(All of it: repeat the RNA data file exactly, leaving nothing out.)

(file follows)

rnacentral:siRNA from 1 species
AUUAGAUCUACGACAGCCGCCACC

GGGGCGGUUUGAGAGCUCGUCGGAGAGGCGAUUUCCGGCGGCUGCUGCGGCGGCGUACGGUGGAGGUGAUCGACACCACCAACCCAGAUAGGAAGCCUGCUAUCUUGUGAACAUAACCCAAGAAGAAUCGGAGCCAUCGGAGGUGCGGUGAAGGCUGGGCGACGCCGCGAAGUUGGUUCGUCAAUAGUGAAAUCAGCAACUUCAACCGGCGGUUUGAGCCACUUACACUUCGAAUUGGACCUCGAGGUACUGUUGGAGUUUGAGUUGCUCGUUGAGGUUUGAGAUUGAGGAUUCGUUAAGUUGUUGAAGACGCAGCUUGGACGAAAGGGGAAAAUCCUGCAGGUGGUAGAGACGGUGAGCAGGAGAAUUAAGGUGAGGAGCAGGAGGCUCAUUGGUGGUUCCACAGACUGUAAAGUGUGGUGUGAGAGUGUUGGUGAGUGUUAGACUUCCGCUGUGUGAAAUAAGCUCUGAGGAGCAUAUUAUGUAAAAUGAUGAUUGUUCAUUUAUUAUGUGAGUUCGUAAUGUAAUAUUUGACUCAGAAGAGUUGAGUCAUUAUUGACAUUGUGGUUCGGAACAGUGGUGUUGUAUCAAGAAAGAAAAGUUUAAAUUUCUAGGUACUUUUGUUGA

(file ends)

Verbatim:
rnacentral:siRNA from 1 species
AUUAGAUCUACGACAGCCGCCACC

GGGGCGGUUUGAGAGCUCGUCGGAGAGGCGAUUUCCGGCGGCUGCUGCGGCGGCGUACGGUGGAGGUGAUCGACACCACCAACCCAGAUAGGAAGCCUGCUAUCUUGUGAACAUAACCCAAGAAGAAUCGGAGCCAUCGGAGGUGCGGUGAAGGCUGGGCGACGCCGCGAAGUUGGUUCGUCAAUAGUGAAAUCAGCAACUUCAACCGGCGGUUUGAGCCACUUACACUUCGAAUUGGACCUCGAGGUACUGUUGGAGUUUGAGUUGCUCGUUGAGGUUUGAGAUUGAGGAUUCGUUAAGUUGUUGAAGACGCAGCUUGGACGAAAGGGGAAAAUCCUGCAGGUGGUAGAGACGGUGAGCAGGAGAAUUAAGGUGAGGAGCAGGAGGCUCAUUGGUGGUUCCACAGACUGUAAAGUGUGGUGUGAGAGUGUUGGUGAGUGUUAGACUUCCGCUGUGUGAAAUAAGCUCUGAGGAGCAUAUUAUGUAAAAUGAUGAUUGUUCAUUUAUUAUGUGAGUUCGUAAUGUAAUAUUUGACUCAGAAGAGUUGAGUCAUUAUUGACAUUGUGGUUCGGAACAGUGGUGUUGUAUCAAGAAAGAAAAGUUUAAAUUUCUAGGUACUUUUGUUGA